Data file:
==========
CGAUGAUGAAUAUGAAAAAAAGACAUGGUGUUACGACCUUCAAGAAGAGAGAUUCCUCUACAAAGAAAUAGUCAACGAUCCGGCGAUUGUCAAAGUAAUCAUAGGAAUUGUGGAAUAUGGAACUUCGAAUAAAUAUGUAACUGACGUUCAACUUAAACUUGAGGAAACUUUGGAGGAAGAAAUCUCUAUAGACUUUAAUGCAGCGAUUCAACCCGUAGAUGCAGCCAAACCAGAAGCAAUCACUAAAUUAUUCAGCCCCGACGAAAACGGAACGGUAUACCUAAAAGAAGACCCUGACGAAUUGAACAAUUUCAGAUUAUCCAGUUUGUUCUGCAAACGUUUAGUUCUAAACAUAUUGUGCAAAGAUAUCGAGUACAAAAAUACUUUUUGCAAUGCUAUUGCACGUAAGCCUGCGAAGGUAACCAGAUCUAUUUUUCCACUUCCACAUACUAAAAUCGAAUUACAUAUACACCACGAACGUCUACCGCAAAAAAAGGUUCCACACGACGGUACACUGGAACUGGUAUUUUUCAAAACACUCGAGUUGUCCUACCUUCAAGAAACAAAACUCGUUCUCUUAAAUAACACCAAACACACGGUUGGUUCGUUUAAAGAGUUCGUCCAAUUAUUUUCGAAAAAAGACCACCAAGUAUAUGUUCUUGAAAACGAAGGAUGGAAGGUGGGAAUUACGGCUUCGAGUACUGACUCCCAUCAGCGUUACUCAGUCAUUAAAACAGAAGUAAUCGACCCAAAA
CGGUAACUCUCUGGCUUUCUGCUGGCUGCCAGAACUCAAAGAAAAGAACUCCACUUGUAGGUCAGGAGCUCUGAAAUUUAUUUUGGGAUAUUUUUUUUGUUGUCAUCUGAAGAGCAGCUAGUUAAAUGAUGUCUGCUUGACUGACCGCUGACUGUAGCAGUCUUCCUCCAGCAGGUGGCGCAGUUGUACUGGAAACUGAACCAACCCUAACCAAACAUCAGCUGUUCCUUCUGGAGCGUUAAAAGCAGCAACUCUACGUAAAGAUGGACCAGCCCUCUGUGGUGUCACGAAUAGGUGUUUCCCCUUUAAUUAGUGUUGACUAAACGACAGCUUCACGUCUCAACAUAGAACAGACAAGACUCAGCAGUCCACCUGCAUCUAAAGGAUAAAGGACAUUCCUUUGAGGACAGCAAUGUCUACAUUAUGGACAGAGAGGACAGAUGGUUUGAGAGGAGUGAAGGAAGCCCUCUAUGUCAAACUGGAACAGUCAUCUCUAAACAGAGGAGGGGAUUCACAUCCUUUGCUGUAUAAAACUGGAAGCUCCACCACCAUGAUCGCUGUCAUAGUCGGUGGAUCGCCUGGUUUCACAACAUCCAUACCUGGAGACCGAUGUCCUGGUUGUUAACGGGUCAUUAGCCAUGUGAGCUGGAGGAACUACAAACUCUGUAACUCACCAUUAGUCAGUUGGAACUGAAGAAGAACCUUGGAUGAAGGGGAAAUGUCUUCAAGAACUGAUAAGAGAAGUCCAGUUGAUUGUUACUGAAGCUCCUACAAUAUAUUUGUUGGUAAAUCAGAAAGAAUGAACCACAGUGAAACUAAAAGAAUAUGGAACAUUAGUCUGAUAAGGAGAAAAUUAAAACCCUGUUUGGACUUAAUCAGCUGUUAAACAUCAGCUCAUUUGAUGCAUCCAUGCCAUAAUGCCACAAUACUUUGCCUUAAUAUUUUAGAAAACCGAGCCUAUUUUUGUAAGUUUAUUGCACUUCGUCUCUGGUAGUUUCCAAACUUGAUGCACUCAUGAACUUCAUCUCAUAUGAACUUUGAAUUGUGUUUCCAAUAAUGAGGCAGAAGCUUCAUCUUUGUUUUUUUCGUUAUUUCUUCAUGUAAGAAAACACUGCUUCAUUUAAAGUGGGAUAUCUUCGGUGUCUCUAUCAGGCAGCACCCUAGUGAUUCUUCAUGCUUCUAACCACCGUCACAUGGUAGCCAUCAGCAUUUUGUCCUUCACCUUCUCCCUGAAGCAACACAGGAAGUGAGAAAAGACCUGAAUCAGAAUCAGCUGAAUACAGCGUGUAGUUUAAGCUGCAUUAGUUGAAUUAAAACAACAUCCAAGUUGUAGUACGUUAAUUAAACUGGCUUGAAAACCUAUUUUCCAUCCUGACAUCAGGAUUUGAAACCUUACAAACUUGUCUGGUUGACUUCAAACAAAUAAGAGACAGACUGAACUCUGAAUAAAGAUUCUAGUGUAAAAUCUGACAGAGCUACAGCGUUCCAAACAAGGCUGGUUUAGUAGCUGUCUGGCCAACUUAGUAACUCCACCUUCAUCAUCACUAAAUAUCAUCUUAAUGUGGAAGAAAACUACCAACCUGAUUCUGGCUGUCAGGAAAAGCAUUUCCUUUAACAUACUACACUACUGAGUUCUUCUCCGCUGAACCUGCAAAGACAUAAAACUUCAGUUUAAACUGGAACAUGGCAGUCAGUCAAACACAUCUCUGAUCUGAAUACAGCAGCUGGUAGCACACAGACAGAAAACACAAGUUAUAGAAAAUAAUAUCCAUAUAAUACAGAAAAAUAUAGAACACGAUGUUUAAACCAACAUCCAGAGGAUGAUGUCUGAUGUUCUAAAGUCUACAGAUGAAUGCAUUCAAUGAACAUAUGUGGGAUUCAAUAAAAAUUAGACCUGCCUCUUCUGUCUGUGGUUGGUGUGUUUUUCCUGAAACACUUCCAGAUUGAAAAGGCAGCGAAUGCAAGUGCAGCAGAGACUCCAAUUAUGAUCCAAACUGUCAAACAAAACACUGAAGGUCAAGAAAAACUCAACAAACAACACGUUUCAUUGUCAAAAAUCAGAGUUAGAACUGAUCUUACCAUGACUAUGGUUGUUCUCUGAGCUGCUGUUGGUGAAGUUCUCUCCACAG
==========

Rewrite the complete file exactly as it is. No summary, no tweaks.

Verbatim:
CGAUGAUGAAUAUGAAAAAAAGACAUGGUGUUACGACCUUCAAGAAGAGAGAUUCCUCUACAAAGAAAUAGUCAACGAUCCGGCGAUUGUCAAAGUAAUCAUAGGAAUUGUGGAAUAUGGAACUUCGAAUAAAUAUGUAACUGACGUUCAACUUAAACUUGAGGAAACUUUGGAGGAAGAAAUCUCUAUAGACUUUAAUGCAGCGAUUCAACCCGUAGAUGCAGCCAAACCAGAAGCAAUCACUAAAUUAUUCAGCCCCGACGAAAACGGAACGGUAUACCUAAAAGAAGACCCUGACGAAUUGAACAAUUUCAGAUUAUCCAGUUUGUUCUGCAAACGUUUAGUUCUAAACAUAUUGUGCAAAGAUAUCGAGUACAAAAAUACUUUUUGCAAUGCUAUUGCACGUAAGCCUGCGAAGGUAACCAGAUCUAUUUUUCCACUUCCACAUACUAAAAUCGAAUUACAUAUACACCACGAACGUCUACCGCAAAAAAAGGUUCCACACGACGGUACACUGGAACUGGUAUUUUUCAAAACACUCGAGUUGUCCUACCUUCAAGAAACAAAACUCGUUCUCUUAAAUAACACCAAACACACGGUUGGUUCGUUUAAAGAGUUCGUCCAAUUAUUUUCGAAAAAAGACCACCAAGUAUAUGUUCUUGAAAACGAAGGAUGGAAGGUGGGAAUUACGGCUUCGAGUACUGACUCCCAUCAGCGUUACUCAGUCAUUAAAACAGAAGUAAUCGACCCAAAA
CGGUAACUCUCUGGCUUUCUGCUGGCUGCCAGAACUCAAAGAAAAGAACUCCACUUGUAGGUCAGGAGCUCUGAAAUUUAUUUUGGGAUAUUUUUUUUGUUGUCAUCUGAAGAGCAGCUAGUUAAAUGAUGUCUGCUUGACUGACCGCUGACUGUAGCAGUCUUCCUCCAGCAGGUGGCGCAGUUGUACUGGAAACUGAACCAACCCUAACCAAACAUCAGCUGUUCCUUCUGGAGCGUUAAAAGCAGCAACUCUACGUAAAGAUGGACCAGCCCUCUGUGGUGUCACGAAUAGGUGUUUCCCCUUUAAUUAGUGUUGACUAAACGACAGCUUCACGUCUCAACAUAGAACAGACAAGACUCAGCAGUCCACCUGCAUCUAAAGGAUAAAGGACAUUCCUUUGAGGACAGCAAUGUCUACAUUAUGGACAGAGAGGACAGAUGGUUUGAGAGGAGUGAAGGAAGCCCUCUAUGUCAAACUGGAACAGUCAUCUCUAAACAGAGGAGGGGAUUCACAUCCUUUGCUGUAUAAAACUGGAAGCUCCACCACCAUGAUCGCUGUCAUAGUCGGUGGAUCGCCUGGUUUCACAACAUCCAUACCUGGAGACCGAUGUCCUGGUUGUUAACGGGUCAUUAGCCAUGUGAGCUGGAGGAACUACAAACUCUGUAACUCACCAUUAGUCAGUUGGAACUGAAGAAGAACCUUGGAUGAAGGGGAAAUGUCUUCAAGAACUGAUAAGAGAAGUCCAGUUGAUUGUUACUGAAGCUCCUACAAUAUAUUUGUUGGUAAAUCAGAAAGAAUGAACCACAGUGAAACUAAAAGAAUAUGGAACAUUAGUCUGAUAAGGAGAAAAUUAAAACCCUGUUUGGACUUAAUCAGCUGUUAAACAUCAGCUCAUUUGAUGCAUCCAUGCCAUAAUGCCACAAUACUUUGCCUUAAUAUUUUAGAAAACCGAGCCUAUUUUUGUAAGUUUAUUGCACUUCGUCUCUGGUAGUUUCCAAACUUGAUGCACUCAUGAACUUCAUCUCAUAUGAACUUUGAAUUGUGUUUCCAAUAAUGAGGCAGAAGCUUCAUCUUUGUUUUUUUCGUUAUUUCUUCAUGUAAGAAAACACUGCUUCAUUUAAAGUGGGAUAUCUUCGGUGUCUCUAUCAGGCAGCACCCUAGUGAUUCUUCAUGCUUCUAACCACCGUCACAUGGUAGCCAUCAGCAUUUUGUCCUUCACCUUCUCCCUGAAGCAACACAGGAAGUGAGAAAAGACCUGAAUCAGAAUCAGCUGAAUACAGCGUGUAGUUUAAGCUGCAUUAGUUGAAUUAAAACAACAUCCAAGUUGUAGUACGUUAAUUAAACUGGCUUGAAAACCUAUUUUCCAUCCUGACAUCAGGAUUUGAAACCUUACAAACUUGUCUGGUUGACUUCAAACAAAUAAGAGACAGACUGAACUCUGAAUAAAGAUUCUAGUGUAAAAUCUGACAGAGCUACAGCGUUCCAAACAAGGCUGGUUUAGUAGCUGUCUGGCCAACUUAGUAACUCCACCUUCAUCAUCACUAAAUAUCAUCUUAAUGUGGAAGAAAACUACCAACCUGAUUCUGGCUGUCAGGAAAAGCAUUUCCUUUAACAUACUACACUACUGAGUUCUUCUCCGCUGAACCUGCAAAGACAUAAAACUUCAGUUUAAACUGGAACAUGGCAGUCAGUCAAACACAUCUCUGAUCUGAAUACAGCAGCUGGUAGCACACAGACAGAAAACACAAGUUAUAGAAAAUAAUAUCCAUAUAAUACAGAAAAAUAUAGAACACGAUGUUUAAACCAACAUCCAGAGGAUGAUGUCUGAUGUUCUAAAGUCUACAGAUGAAUGCAUUCAAUGAACAUAUGUGGGAUUCAAUAAAAAUUAGACCUGCCUCUUCUGUCUGUGGUUGGUGUGUUUUUCCUGAAACACUUCCAGAUUGAAAAGGCAGCGAAUGCAAGUGCAGCAGAGACUCCAAUUAUGAUCCAAACUGUCAAACAAAACACUGAAGGUCAAGAAAAACUCAACAAACAACACGUUUCAUUGUCAAAAAUCAGAGUUAGAACUGAUCUUACCAUGACUAUGGUUGUUCUCUGAGCUGCUGUUGGUGAAGUUCUCUCCACAG